Shooting USA - All Army Championship
We’re covering the USAMU’s annual combat competition at the All Army Small Arms Championship. It’s individual and team competition, with issue grade pistol and rifle, with the emphasis on training for combat.
Improving our soldiers’ marksmanship skills while helping them train for combat. That’s the mission behind the All Army Small Arms Championship. It’s nearly two weeks of rifle and pistol matches each year to determine the Army’s top marksmen. The event is competition for both teams and individuals at Fort Benning, Georgia, hosted by the Army Marksmanship Unit. More than 160 active duty Army, Army Reserve, National Guard, and Cadets are taking part in the 12-day, 13 match, pistol and rifle competition.
The Army Marksmanship Unit has a number of assignments, including sending the world’s best shooters to our US Olympic Team. But training soldiers for war is their top priority.
And as SFC Aaron Hampton describes this championship, that’s the primary purpose in holding these matches: “This is a training event cleverly disguised as a competition. They are going to get some accolades when they are done. Our goal is to stress them, to put them in positions they have never found themselves in training, and allow them to really test their skill set so they know what they need to work on next time. There will be winners. But everyone will walk away a bit more prepared for the eventuality of combat and that’s what we are here to do.”
US Army Marksmanship Unit
History’s Guns – The Burnside Carbine
The Civil War was a time of rapid advancement in firearms technology. Muskets would give way to repeating rifles in only a matter of years. Among the firearms that helped make the transition was a breech loading carbine with a nearly self-contained cartridge. The Burnside Carbine is now one of History’s Guns.
New Performance Center 1911s
Two new 1911s from Smith & Wesson. Both come from the Performance Center, which means precision machining, and custom gun fitting by Smith & Wesson’s master gunsmiths. The Performance Center custom 1911 is a full size single stack, in stainless steel for both slide and frame. The custom pistol has a five-inch barrel and comes standard with an oversized external extractor, an ambidextrous frame safety, and a precision crowned muzzle. The 4.25 inch Round Butt version has an alloy frame for lighter weight as a carry gun. Smith & Wesson gunsmiths hand lap the frame and slide rails, hand cut the chamber, hand polish the feed ramp, smooth and tune the action for high accuracy and reliability.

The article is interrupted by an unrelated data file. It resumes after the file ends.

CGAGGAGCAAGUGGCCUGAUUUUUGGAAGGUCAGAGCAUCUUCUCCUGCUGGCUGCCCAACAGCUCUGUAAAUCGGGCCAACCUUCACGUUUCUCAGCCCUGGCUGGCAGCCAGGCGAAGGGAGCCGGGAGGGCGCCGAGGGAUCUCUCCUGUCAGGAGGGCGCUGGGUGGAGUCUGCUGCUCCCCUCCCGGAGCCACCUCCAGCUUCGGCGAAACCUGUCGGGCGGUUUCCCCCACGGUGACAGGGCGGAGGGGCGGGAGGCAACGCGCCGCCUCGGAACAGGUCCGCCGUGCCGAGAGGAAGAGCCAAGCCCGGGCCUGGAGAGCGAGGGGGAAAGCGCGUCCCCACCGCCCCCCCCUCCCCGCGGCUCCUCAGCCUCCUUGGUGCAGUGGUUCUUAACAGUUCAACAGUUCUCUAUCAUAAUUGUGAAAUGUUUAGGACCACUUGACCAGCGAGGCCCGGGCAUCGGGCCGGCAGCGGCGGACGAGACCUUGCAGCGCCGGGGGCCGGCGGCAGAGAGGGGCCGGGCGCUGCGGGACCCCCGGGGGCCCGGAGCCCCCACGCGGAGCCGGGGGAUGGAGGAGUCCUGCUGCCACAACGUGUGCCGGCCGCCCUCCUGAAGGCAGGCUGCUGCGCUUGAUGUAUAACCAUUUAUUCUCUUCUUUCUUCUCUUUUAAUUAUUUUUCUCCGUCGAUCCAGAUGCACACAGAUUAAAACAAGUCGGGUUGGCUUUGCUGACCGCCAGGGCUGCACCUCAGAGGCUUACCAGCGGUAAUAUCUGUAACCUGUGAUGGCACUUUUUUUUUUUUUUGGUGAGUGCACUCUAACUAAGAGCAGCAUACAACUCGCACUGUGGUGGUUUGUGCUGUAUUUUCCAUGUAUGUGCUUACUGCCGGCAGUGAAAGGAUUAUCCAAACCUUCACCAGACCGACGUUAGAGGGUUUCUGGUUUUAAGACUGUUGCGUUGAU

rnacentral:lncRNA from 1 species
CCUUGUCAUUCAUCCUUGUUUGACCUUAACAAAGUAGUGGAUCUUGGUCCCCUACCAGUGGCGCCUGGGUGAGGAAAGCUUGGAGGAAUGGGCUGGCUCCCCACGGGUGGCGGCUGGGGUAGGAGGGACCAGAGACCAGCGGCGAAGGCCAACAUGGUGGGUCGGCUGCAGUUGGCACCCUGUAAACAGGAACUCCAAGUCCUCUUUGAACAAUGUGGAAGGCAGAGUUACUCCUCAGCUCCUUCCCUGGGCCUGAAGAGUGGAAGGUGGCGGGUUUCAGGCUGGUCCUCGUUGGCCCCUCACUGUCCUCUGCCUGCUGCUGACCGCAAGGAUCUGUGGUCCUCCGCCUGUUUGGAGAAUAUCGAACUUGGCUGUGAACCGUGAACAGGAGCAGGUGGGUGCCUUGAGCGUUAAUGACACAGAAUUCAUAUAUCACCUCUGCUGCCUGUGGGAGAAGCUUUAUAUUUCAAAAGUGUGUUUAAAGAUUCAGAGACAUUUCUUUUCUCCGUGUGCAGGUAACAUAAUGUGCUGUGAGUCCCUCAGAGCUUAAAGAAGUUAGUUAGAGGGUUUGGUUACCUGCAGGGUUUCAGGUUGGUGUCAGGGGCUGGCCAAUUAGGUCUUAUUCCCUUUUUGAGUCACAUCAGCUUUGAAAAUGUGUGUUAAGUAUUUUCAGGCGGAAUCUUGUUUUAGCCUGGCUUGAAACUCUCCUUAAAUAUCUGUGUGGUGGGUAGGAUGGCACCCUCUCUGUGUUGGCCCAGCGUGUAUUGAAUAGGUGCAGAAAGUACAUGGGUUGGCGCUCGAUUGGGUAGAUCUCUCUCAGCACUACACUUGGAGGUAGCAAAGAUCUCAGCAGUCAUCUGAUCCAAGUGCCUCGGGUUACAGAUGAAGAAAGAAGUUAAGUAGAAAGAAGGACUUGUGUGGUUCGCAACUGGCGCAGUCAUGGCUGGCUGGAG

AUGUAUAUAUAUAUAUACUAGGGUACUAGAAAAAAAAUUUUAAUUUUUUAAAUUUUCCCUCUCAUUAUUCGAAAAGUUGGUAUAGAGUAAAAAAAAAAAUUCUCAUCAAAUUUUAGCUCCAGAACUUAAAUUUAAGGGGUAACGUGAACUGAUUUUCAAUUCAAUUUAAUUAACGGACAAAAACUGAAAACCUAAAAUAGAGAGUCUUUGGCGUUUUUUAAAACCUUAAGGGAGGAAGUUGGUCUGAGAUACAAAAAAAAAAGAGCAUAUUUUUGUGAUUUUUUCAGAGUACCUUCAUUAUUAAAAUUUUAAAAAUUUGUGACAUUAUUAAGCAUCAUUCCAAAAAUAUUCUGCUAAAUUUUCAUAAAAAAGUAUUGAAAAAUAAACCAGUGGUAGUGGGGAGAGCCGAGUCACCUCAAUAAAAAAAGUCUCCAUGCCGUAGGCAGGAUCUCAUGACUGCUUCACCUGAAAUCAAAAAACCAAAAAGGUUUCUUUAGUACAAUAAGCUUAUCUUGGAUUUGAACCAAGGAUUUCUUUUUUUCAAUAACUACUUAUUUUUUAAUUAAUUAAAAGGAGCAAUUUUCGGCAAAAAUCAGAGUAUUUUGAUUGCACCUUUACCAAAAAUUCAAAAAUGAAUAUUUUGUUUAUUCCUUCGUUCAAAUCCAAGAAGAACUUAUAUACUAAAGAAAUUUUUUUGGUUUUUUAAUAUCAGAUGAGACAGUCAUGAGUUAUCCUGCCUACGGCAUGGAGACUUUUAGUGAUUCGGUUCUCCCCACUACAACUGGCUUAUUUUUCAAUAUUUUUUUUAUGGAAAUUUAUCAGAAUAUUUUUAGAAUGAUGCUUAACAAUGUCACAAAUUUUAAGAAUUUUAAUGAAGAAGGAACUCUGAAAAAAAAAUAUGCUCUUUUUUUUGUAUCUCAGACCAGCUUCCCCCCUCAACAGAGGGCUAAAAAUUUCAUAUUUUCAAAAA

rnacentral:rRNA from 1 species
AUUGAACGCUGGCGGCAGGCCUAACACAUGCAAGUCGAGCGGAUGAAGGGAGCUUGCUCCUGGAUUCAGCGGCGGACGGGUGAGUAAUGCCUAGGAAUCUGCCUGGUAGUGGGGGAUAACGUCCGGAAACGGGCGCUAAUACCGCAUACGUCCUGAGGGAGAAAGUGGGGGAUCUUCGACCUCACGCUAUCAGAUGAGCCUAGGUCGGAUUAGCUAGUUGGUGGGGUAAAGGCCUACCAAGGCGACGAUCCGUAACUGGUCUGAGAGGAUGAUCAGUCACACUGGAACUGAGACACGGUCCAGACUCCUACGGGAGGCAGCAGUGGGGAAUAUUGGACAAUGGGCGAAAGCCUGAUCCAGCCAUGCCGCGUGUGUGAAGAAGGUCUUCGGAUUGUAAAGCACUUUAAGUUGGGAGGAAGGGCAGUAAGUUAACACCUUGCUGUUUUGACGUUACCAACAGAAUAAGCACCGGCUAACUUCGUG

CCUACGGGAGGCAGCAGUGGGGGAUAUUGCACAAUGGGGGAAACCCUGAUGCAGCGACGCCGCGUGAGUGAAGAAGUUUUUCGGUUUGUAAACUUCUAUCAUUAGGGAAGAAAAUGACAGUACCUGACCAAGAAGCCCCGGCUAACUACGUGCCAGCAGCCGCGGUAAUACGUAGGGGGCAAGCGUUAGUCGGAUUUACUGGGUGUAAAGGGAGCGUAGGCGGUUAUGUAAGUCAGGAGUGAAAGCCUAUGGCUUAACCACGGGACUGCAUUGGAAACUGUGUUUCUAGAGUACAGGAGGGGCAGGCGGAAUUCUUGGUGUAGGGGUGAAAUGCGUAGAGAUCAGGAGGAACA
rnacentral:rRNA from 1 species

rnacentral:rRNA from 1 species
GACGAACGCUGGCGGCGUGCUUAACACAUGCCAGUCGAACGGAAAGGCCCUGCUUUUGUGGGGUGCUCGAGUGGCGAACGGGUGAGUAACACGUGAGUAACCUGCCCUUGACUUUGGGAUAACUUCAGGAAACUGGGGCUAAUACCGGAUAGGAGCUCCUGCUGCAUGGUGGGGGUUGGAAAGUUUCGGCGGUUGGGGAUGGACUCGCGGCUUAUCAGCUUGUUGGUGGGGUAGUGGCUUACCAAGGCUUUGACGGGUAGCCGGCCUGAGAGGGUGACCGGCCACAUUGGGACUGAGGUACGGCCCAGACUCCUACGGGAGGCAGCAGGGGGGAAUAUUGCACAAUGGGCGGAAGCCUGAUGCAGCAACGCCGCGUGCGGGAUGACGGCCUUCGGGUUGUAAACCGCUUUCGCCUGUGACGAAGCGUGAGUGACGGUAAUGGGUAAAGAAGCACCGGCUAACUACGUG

Performance Center 5 inch
Performance Center 4.25 inch Round Butt Carry Model
Your choice $1,539 Suggested Retail
Bushnell Elite Tactical Scope
The new Bushnell Elite Tactical is a one-to-8.5, by 24 variable. It’s built on a 34mm tube, and as a true one power, this is the best of both worlds in one optic. Both eyes open, and dialed down for close-in, fast work, then, dial up the magnification for long shots. This is a first focal plane scope with an illuminated reticule, so at higher power, the reticule is magnified to use the half mil elevation marks. At one power the reticule is smaller for fast target acquisition. The Bushnell Elite Tactical one-to-8.5 is designed for tactical work and competition shooting, in quality glass, matching anything in the market. Suggested Retail $2,150.
Bushnell Elite Tactical
Pro Tip – USAMU SGT Daniel Horner - Blending In
The Army calls it “matching your background”. To the rest of us, it’s camouflage. But there’s more to hiding than just dressing in camo. That’s what champion shooter and hunter, Sergeant Daniel Horner has in mind, with a Pro Tip on blending in.
VIEW THE PRO TIP
Hunting Tip – Turkey Mouth Call
Everybody knows that a turkey has the best eye sight of any creature in the woods. He’s going to pick up any little movement. If you try to move, he’s going to see you. So a lot of hunters will just sit there and they’ll freeze and they’ll hope he is going to walk around in front of the gun barrel. Chances are he smells a rat and he turns and he’s going to go.
So here’s something you can try. I use a mouth call. This is a mouth diaphragm call, goes in the roof of your mouth. You can make sounds on it without moving anything else. I’ll have this in my mouth when I’m hunting. If I see that turkey standing hard to my left, let’s say. I’m going to start clucking to him real fast, an excited hen cluck.
And that’s going to get his attention and he’s going to know something not quite right, but I’m going to slowly move gun barrel over and hopefully, if I can just confuse him for one or two seconds, he’s going to turn and start walking away, but he’s still going to be looking back at you.
If you can do this, instead of just having him duck and run, and you can do this by using this mouth call and making this slow movement. He’s still not quite sure you’re not a hen and that will give you time to get on him.
This is what it looks like sitting here looking down my gun barrel. See the turkey sitting on the left, here’s what I’m going to do. A lot of time clucking like that will be just long enough to make your move. Again he’ll see you, but if you slowly move that gun barrel instead of doing it fast, and if you cluck at him like that, he’ll hang around long enough for you to make that shot.
NRA Membership Offer: Jim Pays $10 when you join the NRA through the Shooting USA website.
Colors for the Range
All choices have some internal structure to maintain the shape and are adjustable.
Find them in the Shooting USA Online Store